How often have I said that small variations in a known fly can lead to great results with time passed on the same waters! In September 2015, Article 227, I described my Newage Leech as a great Cariboo area fly. While I still have a lot of confidence in this pattern, recently a similar fly produced wonderfully well on a favourite Cariboo Lake! I do believe it is the thin scud back tail that flutters a bit as the fly is slowly trolled that triggers a strike response to those bright lake rainbows!
Recently, with the easing of COVID restrictions, I spent a great three day weekend with two of my sons and families at our Canim Lake summer camp. Among many activities, we managed a short fishing trip to Bobbs Lake which is within a dozen kilometers of our camp. While two of my sinking line fly rods and of course, my hand tied flies were used, I did none of the fishing, only offering a bit of advice here and there. In fact, I had expected to run my 5 HP Mercury outboard but 11 year old grandson Xander, did most of the operating and I might add, a good job too! Therefore, one rod was the sole responsibility of soon to be 8 years old, Max, and the second rod was held by his Dad, Trevor. We only did one short turn of the lake, less than an hour, and the score was two nice fish landed by Max and 6 more lost by a combination of Xander and Trevor. My guess is that the fish were striking at the moving fly tail and therefore were lightly hooked resulting in the high loss rate, although Trevor did lose one with a broken 5 pound leader! Oh yes, what about the flies the boys were using? They were similar to the new age leech but featured a bright brown bead and a red/black Arizona simi-seal body. Below is the tying description for you to try it!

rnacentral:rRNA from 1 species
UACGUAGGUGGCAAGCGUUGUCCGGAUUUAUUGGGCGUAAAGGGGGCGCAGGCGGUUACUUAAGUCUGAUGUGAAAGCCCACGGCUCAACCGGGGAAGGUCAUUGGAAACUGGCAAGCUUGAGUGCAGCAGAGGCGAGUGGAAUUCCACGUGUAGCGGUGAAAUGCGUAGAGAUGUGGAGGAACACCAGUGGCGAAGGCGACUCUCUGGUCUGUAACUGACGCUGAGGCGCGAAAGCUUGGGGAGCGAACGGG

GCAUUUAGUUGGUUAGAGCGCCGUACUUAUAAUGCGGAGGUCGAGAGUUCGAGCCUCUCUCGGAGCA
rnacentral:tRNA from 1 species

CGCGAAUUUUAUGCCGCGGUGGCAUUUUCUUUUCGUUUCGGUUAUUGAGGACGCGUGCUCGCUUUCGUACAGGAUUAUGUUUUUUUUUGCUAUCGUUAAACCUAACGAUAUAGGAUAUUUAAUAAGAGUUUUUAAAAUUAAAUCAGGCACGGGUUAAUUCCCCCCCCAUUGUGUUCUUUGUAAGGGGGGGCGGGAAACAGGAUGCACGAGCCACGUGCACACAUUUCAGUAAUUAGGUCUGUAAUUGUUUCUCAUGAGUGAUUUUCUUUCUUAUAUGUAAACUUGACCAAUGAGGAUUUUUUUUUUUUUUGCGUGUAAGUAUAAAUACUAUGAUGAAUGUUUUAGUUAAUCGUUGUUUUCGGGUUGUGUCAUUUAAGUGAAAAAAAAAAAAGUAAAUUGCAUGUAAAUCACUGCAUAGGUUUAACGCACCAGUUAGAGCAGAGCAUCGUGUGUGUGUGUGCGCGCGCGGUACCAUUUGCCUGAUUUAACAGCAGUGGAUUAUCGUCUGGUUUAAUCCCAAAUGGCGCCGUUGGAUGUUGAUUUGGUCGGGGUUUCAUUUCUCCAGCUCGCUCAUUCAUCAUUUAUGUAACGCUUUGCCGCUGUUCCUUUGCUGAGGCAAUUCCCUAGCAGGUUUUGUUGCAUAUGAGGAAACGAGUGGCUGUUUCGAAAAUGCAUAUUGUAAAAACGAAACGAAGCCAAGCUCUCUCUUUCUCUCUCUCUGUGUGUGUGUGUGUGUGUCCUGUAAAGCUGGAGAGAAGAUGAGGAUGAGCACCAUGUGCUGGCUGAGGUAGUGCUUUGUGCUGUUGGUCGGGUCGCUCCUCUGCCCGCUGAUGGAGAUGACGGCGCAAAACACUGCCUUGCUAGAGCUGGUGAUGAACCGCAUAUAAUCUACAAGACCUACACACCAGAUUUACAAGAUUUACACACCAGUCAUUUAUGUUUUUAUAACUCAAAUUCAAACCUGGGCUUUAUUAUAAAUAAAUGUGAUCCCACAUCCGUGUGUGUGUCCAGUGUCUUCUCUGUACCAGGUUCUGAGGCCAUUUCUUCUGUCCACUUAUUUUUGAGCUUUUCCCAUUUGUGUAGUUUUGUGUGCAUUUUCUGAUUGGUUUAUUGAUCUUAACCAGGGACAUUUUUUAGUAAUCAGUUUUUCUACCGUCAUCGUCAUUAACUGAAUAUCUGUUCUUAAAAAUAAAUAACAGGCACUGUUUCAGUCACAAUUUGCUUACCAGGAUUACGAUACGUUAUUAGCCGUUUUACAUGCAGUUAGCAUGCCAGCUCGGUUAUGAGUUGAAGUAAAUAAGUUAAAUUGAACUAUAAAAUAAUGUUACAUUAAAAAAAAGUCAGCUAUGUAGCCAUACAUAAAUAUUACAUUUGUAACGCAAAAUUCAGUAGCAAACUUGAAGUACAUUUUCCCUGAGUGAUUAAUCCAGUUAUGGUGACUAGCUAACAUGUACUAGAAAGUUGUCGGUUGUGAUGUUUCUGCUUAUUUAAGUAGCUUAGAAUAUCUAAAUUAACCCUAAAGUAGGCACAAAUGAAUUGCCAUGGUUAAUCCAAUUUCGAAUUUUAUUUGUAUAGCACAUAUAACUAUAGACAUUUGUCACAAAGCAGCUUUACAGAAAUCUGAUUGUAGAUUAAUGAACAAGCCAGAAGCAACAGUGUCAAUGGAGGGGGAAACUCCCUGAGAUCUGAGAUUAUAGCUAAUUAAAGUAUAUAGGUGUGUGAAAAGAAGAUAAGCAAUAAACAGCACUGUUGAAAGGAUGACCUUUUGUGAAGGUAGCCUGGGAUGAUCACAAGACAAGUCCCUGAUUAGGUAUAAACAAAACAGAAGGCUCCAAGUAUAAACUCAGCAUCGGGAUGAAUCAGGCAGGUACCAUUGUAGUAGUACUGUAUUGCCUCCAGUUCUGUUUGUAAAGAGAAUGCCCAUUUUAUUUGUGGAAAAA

The following image shows 7 year old Max proudly holding one of his two fish landed at Bobbs Lake with dad Trevor and brother Xander!
Start by crimping the hook barb and slide a 7/64 redish brown brass bead through to the hook eye. Then attach the 1/8 inch strip of light brown scudback plastic to the hook shank allowing it to flow back about a full body length. Note the tail in the fly shown may be a little long perhaps causing a high loss rate for us? Anyway, next dub a body of red/black simi-seal hook bend to the bead. At this location, complete the fly with a couple of turns of black hackle feather, forcing it to the rear as you tie it in. Finish with a drop of clear cement and you have just completed a proven winner! As an observation, the only other fisherman on the lake when we were there was skunked so 8 fish hooked in less than an hour does prove something about this fly!
|Monthly Fly Tying Articles from November 1996|
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